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in other jurisdictions which had considered the issue, the Court stated:
We think it clear, on reason and authority, that a contract of indemnity against personal injuries should not be construed to indemnify against the negligence of the indemnitee, unless it is so expressed in unequivocal terms. The liability on such indemnity is so hazardous, and the character of the indemnity so unusual and extraordinary, that there can be no presumption that the indemnitor intended to assume the responsibility unless the contract puts it beyond doubt by express stipulation. No inference from words of general import can establish it. The manifest purpose, in such cases, to indemnify against the injury which, under the circumstances, could reasonably be apprehended only from the action of the indemnitor, or his servant, is a weighty consideration in construing indemnity contracts. The circumstances surrounding the parties, the one, the owner for whom the building is to be erected, and the other, the contractor who is to construct the building and hence from whose acts injuries to persons and property may be anticipated, would seem to make the conclusion irresistible, that unless expressly stipulated in the contract the owner is not to be indemnified against his own negligence. In the case at hand the parties have not expressly stipulated against injury occasioned by the indemnitee's own negligence, and we are satisfied, from the terms of the instrument read in light of the circumstances surrounding the parties as well as the manifest purpose inducing the bond, that they did not intend to protect the indemnitee against his own or his servant's negligence.
Id. 217 Pa. at 262-63, 66 A. at 556-57.
In Pittsburgh Steel Co. v. Patterson-Emerson-Comstock, Inc., 404 Pa. 53, 171 A.2d 185 (1961), the contractor agreed to "indemnify, save harmless and defend [the owner] from all liability for loss, damage or injury to person or property in any manner arising out of or incident to performance of this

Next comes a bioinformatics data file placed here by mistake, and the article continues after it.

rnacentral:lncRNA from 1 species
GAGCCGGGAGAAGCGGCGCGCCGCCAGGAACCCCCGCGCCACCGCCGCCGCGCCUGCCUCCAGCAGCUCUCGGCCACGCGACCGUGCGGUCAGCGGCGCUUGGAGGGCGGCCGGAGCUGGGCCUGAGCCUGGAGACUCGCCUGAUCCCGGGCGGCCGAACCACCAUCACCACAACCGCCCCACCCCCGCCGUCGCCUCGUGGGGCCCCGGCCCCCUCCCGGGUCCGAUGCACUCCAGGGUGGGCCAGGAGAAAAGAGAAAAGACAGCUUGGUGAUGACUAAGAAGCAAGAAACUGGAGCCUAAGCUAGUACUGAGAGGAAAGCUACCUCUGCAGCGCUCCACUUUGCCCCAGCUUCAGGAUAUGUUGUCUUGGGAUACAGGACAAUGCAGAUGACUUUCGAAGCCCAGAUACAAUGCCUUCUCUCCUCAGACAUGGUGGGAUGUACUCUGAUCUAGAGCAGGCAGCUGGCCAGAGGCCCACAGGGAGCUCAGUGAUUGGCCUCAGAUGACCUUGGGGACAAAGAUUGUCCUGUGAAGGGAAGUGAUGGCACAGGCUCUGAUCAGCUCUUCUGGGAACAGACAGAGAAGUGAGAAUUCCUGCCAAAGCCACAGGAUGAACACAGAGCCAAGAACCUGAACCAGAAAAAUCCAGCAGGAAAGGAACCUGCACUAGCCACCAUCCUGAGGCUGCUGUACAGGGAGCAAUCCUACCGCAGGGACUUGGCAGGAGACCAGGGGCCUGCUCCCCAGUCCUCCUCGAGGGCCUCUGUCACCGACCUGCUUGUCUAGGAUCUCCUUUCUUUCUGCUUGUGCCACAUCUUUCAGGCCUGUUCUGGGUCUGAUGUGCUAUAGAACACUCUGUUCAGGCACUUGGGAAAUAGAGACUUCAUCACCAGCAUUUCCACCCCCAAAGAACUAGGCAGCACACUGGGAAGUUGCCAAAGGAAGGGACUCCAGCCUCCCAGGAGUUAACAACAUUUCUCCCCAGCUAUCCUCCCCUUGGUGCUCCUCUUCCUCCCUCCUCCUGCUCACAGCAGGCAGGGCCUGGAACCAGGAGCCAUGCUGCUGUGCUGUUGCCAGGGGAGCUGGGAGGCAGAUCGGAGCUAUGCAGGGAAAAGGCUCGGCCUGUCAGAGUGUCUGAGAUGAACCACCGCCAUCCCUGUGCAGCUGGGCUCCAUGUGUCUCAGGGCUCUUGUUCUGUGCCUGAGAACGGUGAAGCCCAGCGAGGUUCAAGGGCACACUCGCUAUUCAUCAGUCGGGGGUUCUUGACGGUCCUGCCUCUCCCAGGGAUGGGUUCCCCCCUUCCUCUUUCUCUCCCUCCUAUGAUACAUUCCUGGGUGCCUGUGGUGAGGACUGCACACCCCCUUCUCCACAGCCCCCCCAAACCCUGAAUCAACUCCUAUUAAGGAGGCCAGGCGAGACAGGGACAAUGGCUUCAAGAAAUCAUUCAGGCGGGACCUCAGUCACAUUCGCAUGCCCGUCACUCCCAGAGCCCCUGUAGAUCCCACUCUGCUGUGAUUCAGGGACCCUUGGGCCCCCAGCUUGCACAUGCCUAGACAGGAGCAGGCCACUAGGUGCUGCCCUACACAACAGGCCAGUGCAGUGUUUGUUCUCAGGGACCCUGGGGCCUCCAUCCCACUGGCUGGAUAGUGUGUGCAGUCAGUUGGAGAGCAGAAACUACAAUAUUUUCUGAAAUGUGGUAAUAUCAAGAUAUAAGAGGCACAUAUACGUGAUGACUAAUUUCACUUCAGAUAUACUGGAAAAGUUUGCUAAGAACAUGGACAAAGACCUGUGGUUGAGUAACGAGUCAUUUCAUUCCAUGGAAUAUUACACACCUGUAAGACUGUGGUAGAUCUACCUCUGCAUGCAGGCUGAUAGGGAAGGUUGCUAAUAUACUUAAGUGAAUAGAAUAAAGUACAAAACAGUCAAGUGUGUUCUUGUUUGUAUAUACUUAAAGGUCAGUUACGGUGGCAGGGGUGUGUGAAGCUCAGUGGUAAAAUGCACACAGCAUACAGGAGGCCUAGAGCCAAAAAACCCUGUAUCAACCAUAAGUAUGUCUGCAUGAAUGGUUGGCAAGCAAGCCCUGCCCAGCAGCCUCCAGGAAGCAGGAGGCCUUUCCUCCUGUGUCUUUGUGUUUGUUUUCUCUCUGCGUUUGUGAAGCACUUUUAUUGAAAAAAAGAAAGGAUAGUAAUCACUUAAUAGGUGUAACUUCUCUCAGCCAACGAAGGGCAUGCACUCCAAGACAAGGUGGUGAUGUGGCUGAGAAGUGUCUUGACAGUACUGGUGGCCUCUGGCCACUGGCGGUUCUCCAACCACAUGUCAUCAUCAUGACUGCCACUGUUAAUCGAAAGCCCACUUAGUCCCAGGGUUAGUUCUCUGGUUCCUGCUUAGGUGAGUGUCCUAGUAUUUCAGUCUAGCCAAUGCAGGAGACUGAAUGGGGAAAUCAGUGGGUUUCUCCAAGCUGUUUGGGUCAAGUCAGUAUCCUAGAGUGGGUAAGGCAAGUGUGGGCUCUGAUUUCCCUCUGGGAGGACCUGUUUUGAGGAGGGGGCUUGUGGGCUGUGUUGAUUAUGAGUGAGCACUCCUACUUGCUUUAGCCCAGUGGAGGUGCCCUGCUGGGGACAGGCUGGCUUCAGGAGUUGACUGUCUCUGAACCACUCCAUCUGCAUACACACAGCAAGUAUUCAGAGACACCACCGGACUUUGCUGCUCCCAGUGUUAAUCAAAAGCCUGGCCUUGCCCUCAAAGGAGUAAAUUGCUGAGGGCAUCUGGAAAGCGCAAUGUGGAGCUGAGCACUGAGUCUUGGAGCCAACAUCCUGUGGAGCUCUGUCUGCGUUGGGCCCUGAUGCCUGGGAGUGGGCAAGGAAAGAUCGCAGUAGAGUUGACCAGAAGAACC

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order . . . ." The contractor in that case had agreed to install a mill on the owner's premises. An employee of a subcontractor was severely injured as a result of the negligent operation of a crane by an employee of the owner.*fn4 After settling the injured employee's claim, the owner sought indemnification from the contractor. Our Supreme Court stated that "the law is well settled that the intention to include within the scope of an indemnification contract, a loss due to the indemnitee's own negligence, must be expressed in clear and unequivocal language." Id., 404 Pa. at 57, 171 A.2d at 187. The Court noted, however, that if the language of the indemnity contract is not explicit, our courts will consider the surrounding circumstances and the parties' object in making the contract. After observing that the facts of this case were almost identical to those in Perry v. Payne, supra, the Court concluded that although the indemnity provision was expressed in broad general terms, it did not contain clearly expressed or unequivocal language to show that the parties intended to indemnify the owner from its own negligence. Additionally, the Court found that the surrounding circumstances did not establish such an intent. Compare Westinghouse Electric Co. v. Murphy, Inc., 425 Pa. 166, 228 A.2d 656 (1967) (contract held to require contractor to indemnify owner from owner's negligence where contract provided that contractor would indemnify owner from all claims ...